Factors contributing to industry challenges included changing export markets and a 3.6% drop in material collected for recycling. Ongoing increases in single-stream collection also led to increased contamination of recyclables in the near term, said the report. In addition, growth in the use of plastic bottles was offset by continuing progress in lightweighting and increased use of concentrates with smaller, lighter bottles.
In 2017, PET bottles collected for recycling decreased by 27 million pounds. The collection of high-density polyethylene (HDPE) bottles, which includes bottles for milk, household cleaners and detergents, fell by 70.3 million pounds (6.3%) to just over one billion pounds for the year. The recycling rate for HDPE bottles slipped from 33.4% to 31.1%.
“Plastic bottle recycling is proving to be resilient in the face of short-term challenges,” said Steve Alexander, president of APR. “The recycling industry is responding in kind, with some investing in increased U.S. infrastructure, a clear sign of a positive long-term outlook. These investments underscore the need for continued consumer participation and convenient access to recycling programs.”
The low rates of recycling could put a damper on the use of recycled materials that are needed to help bottle makers reduce the amount of virgin resin and contribute to consumers’ desire for “green” bottles made with recycled material.
Europe does a bit better than the United States when it comes to collecting and recycling PET. A 2017 survey of the European PET recycling industry, released on Dec. 19, 2018, shows that 58.2% of PET bottles were collected out of 3,308,300 tons of PET bottles placed on the European market in 2018. “PET collection and recycling rates are exceptional in the plastics packaging industry, which shows the important role of the material in the circular economy,” summarized Christian Crépet, Executive Director of Petcore Europe.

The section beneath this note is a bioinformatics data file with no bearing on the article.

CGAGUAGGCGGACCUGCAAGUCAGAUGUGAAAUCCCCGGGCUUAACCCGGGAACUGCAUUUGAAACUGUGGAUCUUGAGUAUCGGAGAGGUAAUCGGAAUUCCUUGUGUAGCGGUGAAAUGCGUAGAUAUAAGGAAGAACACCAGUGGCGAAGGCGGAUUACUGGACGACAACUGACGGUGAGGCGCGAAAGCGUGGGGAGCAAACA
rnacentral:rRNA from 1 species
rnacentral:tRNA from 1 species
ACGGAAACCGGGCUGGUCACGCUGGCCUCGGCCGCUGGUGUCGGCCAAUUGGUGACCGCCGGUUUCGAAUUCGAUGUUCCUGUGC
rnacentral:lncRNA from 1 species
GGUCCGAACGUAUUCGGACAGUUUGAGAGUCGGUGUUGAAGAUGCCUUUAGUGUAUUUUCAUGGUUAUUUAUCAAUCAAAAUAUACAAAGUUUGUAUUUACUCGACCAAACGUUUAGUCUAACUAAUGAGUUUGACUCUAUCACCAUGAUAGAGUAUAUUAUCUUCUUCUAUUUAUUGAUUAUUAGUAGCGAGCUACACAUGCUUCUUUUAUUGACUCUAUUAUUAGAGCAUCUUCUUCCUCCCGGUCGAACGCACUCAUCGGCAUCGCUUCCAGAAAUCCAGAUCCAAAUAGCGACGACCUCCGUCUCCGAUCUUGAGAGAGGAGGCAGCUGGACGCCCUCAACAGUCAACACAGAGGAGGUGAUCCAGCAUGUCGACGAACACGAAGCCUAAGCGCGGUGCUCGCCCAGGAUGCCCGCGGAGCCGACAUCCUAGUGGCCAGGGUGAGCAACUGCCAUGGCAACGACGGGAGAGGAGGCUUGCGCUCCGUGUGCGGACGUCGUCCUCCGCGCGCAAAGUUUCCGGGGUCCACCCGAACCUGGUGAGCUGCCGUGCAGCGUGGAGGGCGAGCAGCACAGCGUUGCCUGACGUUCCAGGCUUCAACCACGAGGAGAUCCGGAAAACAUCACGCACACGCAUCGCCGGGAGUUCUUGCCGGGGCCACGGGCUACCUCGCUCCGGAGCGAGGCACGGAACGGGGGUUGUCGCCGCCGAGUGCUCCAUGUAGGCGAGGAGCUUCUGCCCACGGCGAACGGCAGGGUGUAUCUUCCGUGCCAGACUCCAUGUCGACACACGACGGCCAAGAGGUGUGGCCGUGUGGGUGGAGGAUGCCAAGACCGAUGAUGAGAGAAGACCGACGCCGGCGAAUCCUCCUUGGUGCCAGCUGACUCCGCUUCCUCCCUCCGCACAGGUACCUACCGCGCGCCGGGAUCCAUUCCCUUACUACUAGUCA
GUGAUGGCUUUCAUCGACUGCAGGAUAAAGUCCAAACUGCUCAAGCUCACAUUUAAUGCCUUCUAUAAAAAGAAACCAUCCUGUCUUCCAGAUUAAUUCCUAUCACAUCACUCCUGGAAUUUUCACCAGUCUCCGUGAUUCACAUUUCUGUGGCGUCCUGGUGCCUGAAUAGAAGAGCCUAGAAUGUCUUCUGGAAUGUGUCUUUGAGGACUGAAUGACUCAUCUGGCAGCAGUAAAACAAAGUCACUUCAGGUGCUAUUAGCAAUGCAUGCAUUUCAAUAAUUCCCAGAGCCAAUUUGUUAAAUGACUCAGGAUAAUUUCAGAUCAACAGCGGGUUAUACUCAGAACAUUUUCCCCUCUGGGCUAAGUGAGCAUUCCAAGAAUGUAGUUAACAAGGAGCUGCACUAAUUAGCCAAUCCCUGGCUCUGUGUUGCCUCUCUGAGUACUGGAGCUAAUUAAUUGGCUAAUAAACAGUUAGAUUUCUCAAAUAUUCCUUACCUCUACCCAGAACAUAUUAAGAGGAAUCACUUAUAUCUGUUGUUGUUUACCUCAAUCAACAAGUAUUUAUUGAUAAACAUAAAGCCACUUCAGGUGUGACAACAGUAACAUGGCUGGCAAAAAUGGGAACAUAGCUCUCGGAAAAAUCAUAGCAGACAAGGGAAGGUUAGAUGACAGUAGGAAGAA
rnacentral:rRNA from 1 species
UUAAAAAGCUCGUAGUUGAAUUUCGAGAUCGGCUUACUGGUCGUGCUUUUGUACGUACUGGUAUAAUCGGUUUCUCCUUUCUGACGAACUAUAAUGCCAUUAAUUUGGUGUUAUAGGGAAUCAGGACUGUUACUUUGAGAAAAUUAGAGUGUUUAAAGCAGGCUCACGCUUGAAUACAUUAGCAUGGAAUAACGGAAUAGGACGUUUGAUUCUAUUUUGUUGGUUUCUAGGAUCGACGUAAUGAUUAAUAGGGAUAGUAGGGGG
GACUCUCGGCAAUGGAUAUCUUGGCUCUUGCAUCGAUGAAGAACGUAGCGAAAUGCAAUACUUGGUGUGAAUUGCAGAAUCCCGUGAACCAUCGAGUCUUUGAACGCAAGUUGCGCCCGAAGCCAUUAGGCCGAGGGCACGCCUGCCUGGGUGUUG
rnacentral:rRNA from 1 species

The WSJ article noted that while many bottlers of water are using a percentage of recycled PET in their bottles, consumers want 100% recycled bottles. That isn’t possible for several reasons, including the fact that plastic loses its structural integrity and clarity after being recycled numerous times. That is why virgin resin is combined with a percentage of recycled material to add eco-friendliness while maintaining structural properties.
Growing concern over waste plastic and a heightened ongoing war against plastic is resulting in many consumers shifting away from single-use water bottles toward reusable ones, primarily metal and plastic, since glass is too fragile. Additionally, as Fact.MR pointed out, “Metal and glass are costlier than plastic, which is why a majority of manufacturers in the reusable water bottles market are choosing plastic as a primary raw material,” said the report. “This also enables reusable water bottle manufacturers to reduce the production cost and maintain competitive prices.”
Talk of collecting more PET water bottles to increase recycling rates by implementing deposit schemes arises from time to time. Paying consumers to return their plastic water bottles to the store might work as an incentive to consumers. It worked with glass soda bottles back in the 1950s and 1960s. It works today with glass milk bottles from local dairies; however, you pay a $2 deposit when you buy the milk, which is refunded when you return the bottle. Two dollars is a large enough amount to serve as an incentive. Five cents was a nice amount in the 1950s, and finding a glass soda bottle or two in the ditches along roadways meant trading a bottle for a Snickers bar . . . or another bottle of soda! What is the deposit value of a PET water bottle? Would it be enough to encourage people to take their water bottles back to the store?